The best of new architecture strikes the eye, not the environment.
The best new buildings are designed to complement the landscape, both aesthetically and through the efficient use of natural resources. As Martin Hunt, Head of the Built Environment at Forum for the Future, puts it: “If a building is going to be called ‘worldclass,’ it’s vital that sustainability is integral to the design.”
These leading examples of new architecture will inspire visitors to remember their dependence on the great outdoors, however snug or smart it is inside. From Switzerland to Singapore to Scunthorpe, U.K., the one thing they all share is their interaction with their surroundings. Designed along “bioclimatic” principles, each building draws on the local climate and the lay of the land (geology, topography, and vegetation) to maximize natural shelter, warmth, light and ventilation, and—wherever possible—to harvest and conserve water and energy.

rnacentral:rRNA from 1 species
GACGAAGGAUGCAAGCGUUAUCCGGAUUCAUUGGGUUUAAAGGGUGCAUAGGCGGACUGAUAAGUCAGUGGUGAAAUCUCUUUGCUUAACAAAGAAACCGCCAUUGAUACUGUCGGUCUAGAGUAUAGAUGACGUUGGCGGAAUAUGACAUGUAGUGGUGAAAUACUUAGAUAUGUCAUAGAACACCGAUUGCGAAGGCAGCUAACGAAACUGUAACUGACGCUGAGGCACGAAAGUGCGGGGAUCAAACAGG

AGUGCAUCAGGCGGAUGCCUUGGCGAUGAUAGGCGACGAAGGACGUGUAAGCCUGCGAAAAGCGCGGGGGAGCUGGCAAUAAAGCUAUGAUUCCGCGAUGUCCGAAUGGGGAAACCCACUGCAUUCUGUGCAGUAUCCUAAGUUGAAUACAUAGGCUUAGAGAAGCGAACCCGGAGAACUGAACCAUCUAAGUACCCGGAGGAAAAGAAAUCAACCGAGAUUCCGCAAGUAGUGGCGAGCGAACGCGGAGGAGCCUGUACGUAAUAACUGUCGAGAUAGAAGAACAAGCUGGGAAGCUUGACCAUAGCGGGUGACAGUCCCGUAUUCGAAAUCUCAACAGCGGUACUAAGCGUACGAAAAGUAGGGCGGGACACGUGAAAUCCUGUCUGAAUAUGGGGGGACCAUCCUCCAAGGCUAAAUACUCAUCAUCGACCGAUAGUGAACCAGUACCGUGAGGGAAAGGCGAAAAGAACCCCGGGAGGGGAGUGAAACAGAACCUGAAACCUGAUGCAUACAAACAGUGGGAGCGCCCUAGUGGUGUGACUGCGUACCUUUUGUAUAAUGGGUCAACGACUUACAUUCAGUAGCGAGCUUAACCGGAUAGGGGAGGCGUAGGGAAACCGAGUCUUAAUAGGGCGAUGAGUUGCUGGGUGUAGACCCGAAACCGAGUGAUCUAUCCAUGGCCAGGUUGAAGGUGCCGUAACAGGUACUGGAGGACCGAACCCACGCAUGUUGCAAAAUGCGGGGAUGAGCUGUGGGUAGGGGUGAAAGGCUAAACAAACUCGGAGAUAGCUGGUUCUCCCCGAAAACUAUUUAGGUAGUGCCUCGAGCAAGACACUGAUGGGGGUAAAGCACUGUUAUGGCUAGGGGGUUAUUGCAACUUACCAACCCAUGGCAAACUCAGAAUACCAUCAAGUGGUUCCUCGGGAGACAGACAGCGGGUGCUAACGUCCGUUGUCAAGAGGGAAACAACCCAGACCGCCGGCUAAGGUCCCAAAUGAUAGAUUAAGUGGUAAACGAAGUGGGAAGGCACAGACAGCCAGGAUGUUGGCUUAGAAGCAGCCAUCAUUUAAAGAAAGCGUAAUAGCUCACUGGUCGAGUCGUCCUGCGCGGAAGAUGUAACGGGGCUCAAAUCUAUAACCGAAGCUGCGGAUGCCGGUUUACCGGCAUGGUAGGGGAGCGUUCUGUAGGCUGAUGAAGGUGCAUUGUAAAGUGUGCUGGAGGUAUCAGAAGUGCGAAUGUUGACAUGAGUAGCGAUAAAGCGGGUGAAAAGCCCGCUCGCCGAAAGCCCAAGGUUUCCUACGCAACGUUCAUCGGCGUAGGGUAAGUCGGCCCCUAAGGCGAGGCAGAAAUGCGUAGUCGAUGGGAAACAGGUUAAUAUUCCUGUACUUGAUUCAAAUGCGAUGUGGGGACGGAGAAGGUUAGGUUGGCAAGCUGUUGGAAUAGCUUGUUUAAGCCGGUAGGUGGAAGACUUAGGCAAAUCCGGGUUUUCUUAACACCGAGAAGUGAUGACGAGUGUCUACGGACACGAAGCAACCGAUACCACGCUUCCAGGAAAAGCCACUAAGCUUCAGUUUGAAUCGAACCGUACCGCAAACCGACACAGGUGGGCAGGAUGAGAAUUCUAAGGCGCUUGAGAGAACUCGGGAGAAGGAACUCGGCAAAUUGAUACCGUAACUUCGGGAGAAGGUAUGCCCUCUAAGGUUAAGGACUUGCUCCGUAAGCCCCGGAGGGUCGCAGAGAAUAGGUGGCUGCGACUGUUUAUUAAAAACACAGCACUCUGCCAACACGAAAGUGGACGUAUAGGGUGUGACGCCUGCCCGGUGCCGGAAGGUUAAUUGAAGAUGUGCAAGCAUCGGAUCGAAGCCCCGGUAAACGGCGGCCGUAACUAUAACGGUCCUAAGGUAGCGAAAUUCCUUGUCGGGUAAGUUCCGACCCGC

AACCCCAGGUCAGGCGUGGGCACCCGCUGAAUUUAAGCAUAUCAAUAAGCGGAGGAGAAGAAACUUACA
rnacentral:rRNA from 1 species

Image: (cc) view of the north side of the Monte Rosa Hut by Wikimedia user Hwking.